Officially unveiled today at the 2013 New York Auto Show, the 2015 Volkswagen Golf is the all-new seventh generation of VW's best-known and highest-volume global car.
The compact hatchback, along with its Volkswagen GTI hot-hatch sibling, is lighter, larger, and more fuel-efficient than past generations, and adds a host of available safety equipment that it hasn't previously offered.
For the first time, our live photos show proper U.S. market cars, built in Mexico--rather than the European cars depicted in previous press images. U.S. visually differ from those sold in Europe, but the differences are minor.
The lines of the new 2015 Golf will be familiar to anyone who's seen a Golf (also known in the U.S. at various points as the Rabbit) on the streets. With a clear design history dating all the way back to the first Golf in 1974, the newest iteration four decades later is larger but just as crisp. Dimensionally, the 2015 Golf is 2 inches longer, an inch lower, and half an inch wider, and the front wheels are closer to the front of the car--extending the cabin length as a proportion of the overall car.
Inside the Golf is both new, and familiar. A simple, high-quality layout puts all controls just where you want them. The traditional black dash and interior trim is offset in some models by available two-tone upholstery.
All Golfs use more soft-touch materials, and trim materials include piano black plastics, aluminum, and chrome. Volkswagen has boosted the available storage inside the new Golf, with a sliding tray underneath the front seats (if they're manually adjusted), six cupholders, and a larger glovebox that includes a CD changer.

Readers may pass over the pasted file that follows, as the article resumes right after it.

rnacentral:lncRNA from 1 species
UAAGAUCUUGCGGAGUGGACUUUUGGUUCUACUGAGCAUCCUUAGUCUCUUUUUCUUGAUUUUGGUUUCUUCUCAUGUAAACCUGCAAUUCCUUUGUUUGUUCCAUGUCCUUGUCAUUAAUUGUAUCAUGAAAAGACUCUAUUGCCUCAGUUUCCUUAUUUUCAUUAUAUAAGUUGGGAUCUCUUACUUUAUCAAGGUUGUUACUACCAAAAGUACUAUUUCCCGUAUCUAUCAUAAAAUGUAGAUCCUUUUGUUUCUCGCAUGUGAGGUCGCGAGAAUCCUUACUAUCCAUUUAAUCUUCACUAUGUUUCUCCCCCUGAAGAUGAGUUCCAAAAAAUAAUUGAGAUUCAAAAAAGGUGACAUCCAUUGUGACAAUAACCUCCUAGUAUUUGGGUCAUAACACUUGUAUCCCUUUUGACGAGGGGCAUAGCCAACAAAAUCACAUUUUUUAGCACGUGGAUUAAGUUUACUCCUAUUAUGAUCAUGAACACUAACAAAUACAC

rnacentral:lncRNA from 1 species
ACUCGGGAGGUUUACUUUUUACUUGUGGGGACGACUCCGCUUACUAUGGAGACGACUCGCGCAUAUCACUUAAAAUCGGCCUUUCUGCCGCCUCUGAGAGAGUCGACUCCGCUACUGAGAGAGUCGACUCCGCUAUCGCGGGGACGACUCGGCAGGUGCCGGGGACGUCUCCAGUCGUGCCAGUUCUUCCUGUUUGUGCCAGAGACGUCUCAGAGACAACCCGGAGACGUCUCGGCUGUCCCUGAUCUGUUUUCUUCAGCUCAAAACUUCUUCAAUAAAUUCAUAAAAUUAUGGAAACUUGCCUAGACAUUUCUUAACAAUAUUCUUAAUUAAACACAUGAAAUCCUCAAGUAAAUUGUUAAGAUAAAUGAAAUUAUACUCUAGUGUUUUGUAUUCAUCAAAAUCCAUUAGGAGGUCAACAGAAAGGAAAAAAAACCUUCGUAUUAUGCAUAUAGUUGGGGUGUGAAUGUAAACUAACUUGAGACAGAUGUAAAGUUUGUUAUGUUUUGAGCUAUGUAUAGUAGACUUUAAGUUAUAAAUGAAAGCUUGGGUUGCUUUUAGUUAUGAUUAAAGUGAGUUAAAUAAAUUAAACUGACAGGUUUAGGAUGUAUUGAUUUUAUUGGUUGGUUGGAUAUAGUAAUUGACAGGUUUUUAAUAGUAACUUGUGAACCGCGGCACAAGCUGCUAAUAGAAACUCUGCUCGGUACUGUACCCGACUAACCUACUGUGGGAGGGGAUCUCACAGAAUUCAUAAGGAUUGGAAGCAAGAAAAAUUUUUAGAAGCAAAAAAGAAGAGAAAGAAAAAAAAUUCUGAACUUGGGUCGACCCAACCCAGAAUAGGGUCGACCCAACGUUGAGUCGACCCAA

Safety equipment includes six airbags, the usual suite of electronic safety systems, and a new automatic crash-braking system that brakes the car when its sensors detect that it is involved in a primary collision.
The 2015 VW Golf and GTI for the U.S. offer a choice of three engines. The standard Golf comes with a new 170-horsepower turbocharged 1.8-liter four-cylinder engine, deemed TSI for its gasoline direct injection and turbocharging.
Most relevant to our readers, and likely to be a popular choice, is a new generation of the 2.0-liter TDI four-cylinder turbodiesel for which Volkswagen is renowned. It develops 150 hp and a substantial 236 lb-ft of torque, and should better the current TDI's efficiency figures too--diesel is only going to get bigger.
Transmission options for the gasoline Golf include "manual and automatic" choices, and the TDI diesel will offer either a six-speed manual or VW's six-speed DSG dual-clutch automatic transmission.
A GTI model also returns. Visually, it's denoted by a more aggressive front air intake, larger alloy wheels, and additional aerodynamic aids like side skirts and a rear diffuser. It also rides somewhat lower on a sportier suspension.
The 2015 Volkswagen GTI will have a 2.0-liter TSI engine, though VW is being slightly coy about its power, saying that it's expected to be "about 210 hp." Customers can opt for either a six-speed manual gearbox or a six-speed DSG automatic.
Prices and fuel efficiency figures will be released by Volkswagen closer to the time the 2015 Golf and 2015 GTI go on sale, which is expected to be roughly in the spring of 2014.
This article originally appeared at Green Car Reports.
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